In any event, on the assumption that the Tribunal had jurisdiction to undertake such a review, it must be held that the existence of inconsistency between the appraisals made in different tests does not prove the existence of an error of assessment. Since a competition makes provision for several tests and since different persons are called upon to mark them, inconsistent appraisals may inevitably occur.

(see paras 40-45)


9 October 1974, 112/73, 144/73 and 145/73 Campogrande and Others v Commission, para. 53

27 March 2003, T‑33//00 Martínez Páramo and Others v Commission, paras 62 to 64; 26 January 2005, T‑267/03 Roccato v Commission paras 42, 50 and 51; 12 March 2008, T‑100/04 Giannini v Commission, paras 277 and 278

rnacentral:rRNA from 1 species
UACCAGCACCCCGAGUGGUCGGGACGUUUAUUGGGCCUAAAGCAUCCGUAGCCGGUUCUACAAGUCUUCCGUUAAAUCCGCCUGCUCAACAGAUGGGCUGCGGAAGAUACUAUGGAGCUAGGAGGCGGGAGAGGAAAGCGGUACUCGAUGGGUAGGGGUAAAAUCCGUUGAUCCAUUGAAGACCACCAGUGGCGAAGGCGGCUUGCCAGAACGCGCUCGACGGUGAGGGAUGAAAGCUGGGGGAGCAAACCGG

11 September 2008, F‑127/07 Coto Moreno v Commission, paras 32 and 34 and the case-law cited

4.      The institutions of the European Union have a wide discretion when determining the detailed arrangements of a competition and it is not for the Courts of the European Union to criticise those arrangements unless they have no relation to the purpose of the competition.

In any event, the selection of the best candidates means that the administration must seek those with a combination of significant knowledge and the intellectual capacity to put that knowledge into practice in what may well be a changing context and, consequently, the fact that a competition makes provision for tests designed to evaluate candidates’ general abilities does not appear to be unrelated to the purpose of the competition. Even if the tests designed to evaluate general abilities consisted in tests requiring a psychological analysis of candidates, that would not prove that the assessment of those tests was subjective to such a degree that respect for the principles of equal treatment and objectivity of the marking could not be ensured.